At least six people are dead after Hurricane Michael ravaged the Florida Panhandle
The death toll from Hurricane Michael, the third most intense hurricane to make landfall in US history, has climbed to six people. The deaths include a Florida man who was killed by a falling tree that crashed into his home, and an 11-year-old girl in southwest Georgia.
After inflicting chaos on the Florida Panhandle, the storm barreled into Georgia and then North Carolina, where it has weakened to a tropical storm. In Georgia, a small town 100 miles inland was not expecting a visit from a hurricane — it was pulverized by Michael.
Florida Gov. Rick Scott said first responders were facing communication issues — the emergency operations center was without power and their phone lines were down.
One disaster resilience and planning expert said, “This is the first big wind event of this size we have seen in decades, and we believe that we are going to see more of these higher-intensity events because of warmer water.”
The US is sending its addiction problem over the border
America’s addiction crisis is acute, and has been for some time. But now there is an added dimension to it: It’s seeping over the border, into Mexico.
Tijuana has its own addiction crisis. A doctor tells us it used to be that most of the people she saw living on the streets were 30–50 years old, and most had been living in Tijuana for many years before becoming homeless.
But lately, something’s changed: There’s a spike in younger people who are addicted and who speak English as their first language — a sign they got hooked on drugs in the US. Some have been deported by immigration officials. But others have moved voluntarily to Tijuana, lured by the promise of a cheap fix.
While there are no hard numbers on how many people cross the border every day to buy drugs, there’s evidence to suggest it’s significant. According to researchers from one university, a fifth of Tijuana locals who inject drugs reported sharing drugs with visitors from the US.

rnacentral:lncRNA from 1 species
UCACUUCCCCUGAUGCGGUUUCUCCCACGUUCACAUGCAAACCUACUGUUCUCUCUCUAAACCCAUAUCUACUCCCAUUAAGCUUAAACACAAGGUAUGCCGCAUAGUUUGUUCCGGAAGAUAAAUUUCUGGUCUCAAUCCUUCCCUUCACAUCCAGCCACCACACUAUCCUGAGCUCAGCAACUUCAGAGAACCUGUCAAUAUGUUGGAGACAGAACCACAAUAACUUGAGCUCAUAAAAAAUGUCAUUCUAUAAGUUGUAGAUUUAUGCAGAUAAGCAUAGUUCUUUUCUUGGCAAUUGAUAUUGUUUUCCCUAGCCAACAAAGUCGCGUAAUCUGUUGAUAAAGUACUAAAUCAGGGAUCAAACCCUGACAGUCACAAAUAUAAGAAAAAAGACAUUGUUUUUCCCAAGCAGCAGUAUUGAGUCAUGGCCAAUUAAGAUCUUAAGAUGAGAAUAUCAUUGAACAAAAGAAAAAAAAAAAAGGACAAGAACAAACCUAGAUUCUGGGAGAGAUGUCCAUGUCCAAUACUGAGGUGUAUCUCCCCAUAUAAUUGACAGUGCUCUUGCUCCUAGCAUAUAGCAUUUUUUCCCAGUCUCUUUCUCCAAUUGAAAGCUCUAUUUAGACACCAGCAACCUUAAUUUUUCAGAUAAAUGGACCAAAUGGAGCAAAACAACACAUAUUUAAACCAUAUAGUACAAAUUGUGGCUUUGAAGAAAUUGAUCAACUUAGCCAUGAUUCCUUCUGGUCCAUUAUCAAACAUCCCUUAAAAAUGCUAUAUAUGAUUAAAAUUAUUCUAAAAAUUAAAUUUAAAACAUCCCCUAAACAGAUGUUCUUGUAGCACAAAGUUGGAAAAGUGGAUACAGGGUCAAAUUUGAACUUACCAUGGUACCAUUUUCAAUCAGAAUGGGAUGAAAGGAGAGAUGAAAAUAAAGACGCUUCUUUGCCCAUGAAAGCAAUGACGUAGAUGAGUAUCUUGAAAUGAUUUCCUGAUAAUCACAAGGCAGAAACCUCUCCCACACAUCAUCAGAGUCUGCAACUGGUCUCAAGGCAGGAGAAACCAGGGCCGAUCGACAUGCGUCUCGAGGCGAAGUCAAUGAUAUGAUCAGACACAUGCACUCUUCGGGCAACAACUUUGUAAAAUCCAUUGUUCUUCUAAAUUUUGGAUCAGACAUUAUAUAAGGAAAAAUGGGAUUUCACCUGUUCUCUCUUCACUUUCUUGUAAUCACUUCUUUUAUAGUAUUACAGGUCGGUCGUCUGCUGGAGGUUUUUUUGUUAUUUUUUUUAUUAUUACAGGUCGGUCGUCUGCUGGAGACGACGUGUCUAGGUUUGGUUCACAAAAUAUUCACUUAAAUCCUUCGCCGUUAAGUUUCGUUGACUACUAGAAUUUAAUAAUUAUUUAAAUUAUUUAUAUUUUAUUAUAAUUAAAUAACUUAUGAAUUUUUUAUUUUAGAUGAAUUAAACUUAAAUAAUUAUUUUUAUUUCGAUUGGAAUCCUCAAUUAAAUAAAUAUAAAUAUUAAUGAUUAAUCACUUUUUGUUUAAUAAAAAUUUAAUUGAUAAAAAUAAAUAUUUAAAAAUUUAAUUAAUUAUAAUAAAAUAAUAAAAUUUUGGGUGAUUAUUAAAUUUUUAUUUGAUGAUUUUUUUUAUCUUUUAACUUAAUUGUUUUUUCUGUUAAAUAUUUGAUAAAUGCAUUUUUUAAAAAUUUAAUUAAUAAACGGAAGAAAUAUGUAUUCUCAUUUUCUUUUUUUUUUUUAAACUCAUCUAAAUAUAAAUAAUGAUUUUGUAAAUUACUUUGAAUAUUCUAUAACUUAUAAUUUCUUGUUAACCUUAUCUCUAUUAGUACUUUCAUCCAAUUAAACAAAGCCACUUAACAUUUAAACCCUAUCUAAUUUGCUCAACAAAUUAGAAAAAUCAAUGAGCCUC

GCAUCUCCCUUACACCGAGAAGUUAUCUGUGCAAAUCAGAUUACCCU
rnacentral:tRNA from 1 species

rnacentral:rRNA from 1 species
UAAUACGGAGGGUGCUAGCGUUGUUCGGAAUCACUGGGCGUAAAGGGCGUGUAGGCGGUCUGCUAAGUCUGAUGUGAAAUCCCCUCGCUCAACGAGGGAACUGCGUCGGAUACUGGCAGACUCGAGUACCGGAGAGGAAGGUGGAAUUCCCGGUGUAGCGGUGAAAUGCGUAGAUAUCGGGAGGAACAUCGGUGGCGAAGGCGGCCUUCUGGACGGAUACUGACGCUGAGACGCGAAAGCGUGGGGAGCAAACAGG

Read John Stanton’s excellent investigation into how the US’s addiction problem is crossing the border.
Two astronauts survived an aborted rocket launch. American astronaut Nick Hague and Russian cosmonaut Alexey Ovchinin are reported to be in “good condition” after the booster on their Soyuz MS-10 spacecraft failed, sending the pair plummeting back to earth. Experts fear that while Hague and Ovchinin are safe, the failure of the Soyuz rocket could pose problems for future access to the International Space Station. Astrophysicist Katherine Mack of North Carolina State University tweeted that the spacecraft is the “only way people get to or from the station.”
A judge dropped one of the assault charges in the Harvey Weinstein sexual assault case. The Manhattan judge dismissed one of the sex crime charges against the disgraced movie mogul after it was reported that key emails from one of his accusers were not shown to the grand jury that indicted him. Weinstein was previously charged with six felony sex crimes based on allegations made by three women.
Washington state’s death penalty is unconstitutional, the state’s Supreme Court ruled. The decision from the court was unanimous, with justices citing concerns about racial bias and the arbitrary imposition of the penalty. The eight inmates currently on death row in the state will have their sentences converted to life imprisonment, the court ruled.
Fyre festival organizer Billy McFarland was sentenced to six years in prison. Remember the internet spectacle that was the Fyre festival? It had been promoted by social media stars and celebrities as a luxurious, A-list experience, but it quickly imploded into a calamity as duped guests arrived in the Bahamas to discover disaster-style tents and cheap sandwiches. In March, its founder pleaded guilty to two counts of wire fraud for defrauding investors and a ticket vendor in connection with the event. Yesterday, he was sentenced to six years in prison.